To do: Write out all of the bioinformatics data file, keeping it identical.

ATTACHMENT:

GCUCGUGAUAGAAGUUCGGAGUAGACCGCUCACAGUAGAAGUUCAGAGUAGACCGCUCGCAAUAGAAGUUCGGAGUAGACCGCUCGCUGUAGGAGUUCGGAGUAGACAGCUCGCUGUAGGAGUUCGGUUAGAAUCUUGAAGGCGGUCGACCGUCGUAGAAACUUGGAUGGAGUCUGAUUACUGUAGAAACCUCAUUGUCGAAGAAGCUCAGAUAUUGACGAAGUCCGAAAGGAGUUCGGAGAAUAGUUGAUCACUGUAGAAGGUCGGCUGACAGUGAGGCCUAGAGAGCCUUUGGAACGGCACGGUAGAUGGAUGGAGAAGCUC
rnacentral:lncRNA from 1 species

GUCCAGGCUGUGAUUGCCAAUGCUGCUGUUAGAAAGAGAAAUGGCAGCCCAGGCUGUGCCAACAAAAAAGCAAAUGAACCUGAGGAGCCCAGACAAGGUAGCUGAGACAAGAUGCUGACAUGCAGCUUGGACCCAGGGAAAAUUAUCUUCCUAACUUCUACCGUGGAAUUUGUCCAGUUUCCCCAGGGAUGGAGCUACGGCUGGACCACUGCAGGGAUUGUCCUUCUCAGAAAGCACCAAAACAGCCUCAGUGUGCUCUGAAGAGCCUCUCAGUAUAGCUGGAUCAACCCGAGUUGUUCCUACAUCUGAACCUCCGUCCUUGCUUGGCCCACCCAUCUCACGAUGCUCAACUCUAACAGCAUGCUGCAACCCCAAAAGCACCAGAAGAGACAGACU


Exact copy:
GCUCGUGAUAGAAGUUCGGAGUAGACCGCUCACAGUAGAAGUUCAGAGUAGACCGCUCGCAAUAGAAGUUCGGAGUAGACCGCUCGCUGUAGGAGUUCGGAGUAGACAGCUCGCUGUAGGAGUUCGGUUAGAAUCUUGAAGGCGGUCGACCGUCGUAGAAACUUGGAUGGAGUCUGAUUACUGUAGAAACCUCAUUGUCGAAGAAGCUCAGAUAUUGACGAAGUCCGAAAGGAGUUCGGAGAAUAGUUGAUCACUGUAGAAGGUCGGCUGACAGUGAGGCCUAGAGAGCCUUUGGAACGGCACGGUAGAUGGAUGGAGAAGCUC
rnacentral:lncRNA from 1 species

GUCCAGGCUGUGAUUGCCAAUGCUGCUGUUAGAAAGAGAAAUGGCAGCCCAGGCUGUGCCAACAAAAAAGCAAAUGAACCUGAGGAGCCCAGACAAGGUAGCUGAGACAAGAUGCUGACAUGCAGCUUGGACCCAGGGAAAAUUAUCUUCCUAACUUCUACCGUGGAAUUUGUCCAGUUUCCCCAGGGAUGGAGCUACGGCUGGACCACUGCAGGGAUUGUCCUUCUCAGAAAGCACCAAAACAGCCUCAGUGUGCUCUGAAGAGCCUCUCAGUAUAGCUGGAUCAACCCGAGUUGUUCCUACAUCUGAACCUCCGUCCUUGCUUGGCCCACCCAUCUCACGAUGCUCAACUCUAACAGCAUGCUGCAACCCCAAAAGCACCAGAAGAGACAGACU